Author Archive

Experiment 3: cronoScroll (fixed reupload)



cronoScroll is a tangible interface that allows a user to chronologically scroll through a museums archive. This type of navigation allows the user to explore the relationships between time and the artworks while observing their historical relations and the gradual evolution of various art-forms.

The interaction is achieved using an ultrasonic distance sensor and a user controlled draggable block that traverses the art timeline as it is scrubbed closer towards the control box fitted with the sensor.

This project was created using an Arduino Uno connected to an ultrasonic distance sensor. Sensor values are then fed to Processing—through serial processing—where the visual output is created.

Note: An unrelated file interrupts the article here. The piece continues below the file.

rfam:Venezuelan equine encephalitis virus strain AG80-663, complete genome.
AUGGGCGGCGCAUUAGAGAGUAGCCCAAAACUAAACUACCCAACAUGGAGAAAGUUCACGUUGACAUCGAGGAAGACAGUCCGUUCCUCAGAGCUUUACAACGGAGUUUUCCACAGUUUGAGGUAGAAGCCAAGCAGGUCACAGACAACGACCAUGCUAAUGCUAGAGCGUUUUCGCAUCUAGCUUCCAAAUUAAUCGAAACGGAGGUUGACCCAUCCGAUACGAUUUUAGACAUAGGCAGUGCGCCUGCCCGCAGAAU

A lot of focus and attention was paid to ensuring fluid interactions through smooth animations instead of jerky state transitions. The animation of the interface is powered by linear interpolation (lerp) to simulate smooth transitions between state changes. Lerp is also used to smoothen out the noisy sensor reading and prevent jumpy sensor values.

Images used are from the Getty Search Gateway and are part of the Getty Open Content Program, a program to “share images of works of art in an unrestricted manner, freely, so that all those who create or appreciate art will have greater access to high-quality digital images for their studies and projects.”



  • Arduino Uno


  • Ultrasonic Distance Sensor


  • Processing

Experience Video:

How It Works:

Arduino Github Code:

Processing Github Code: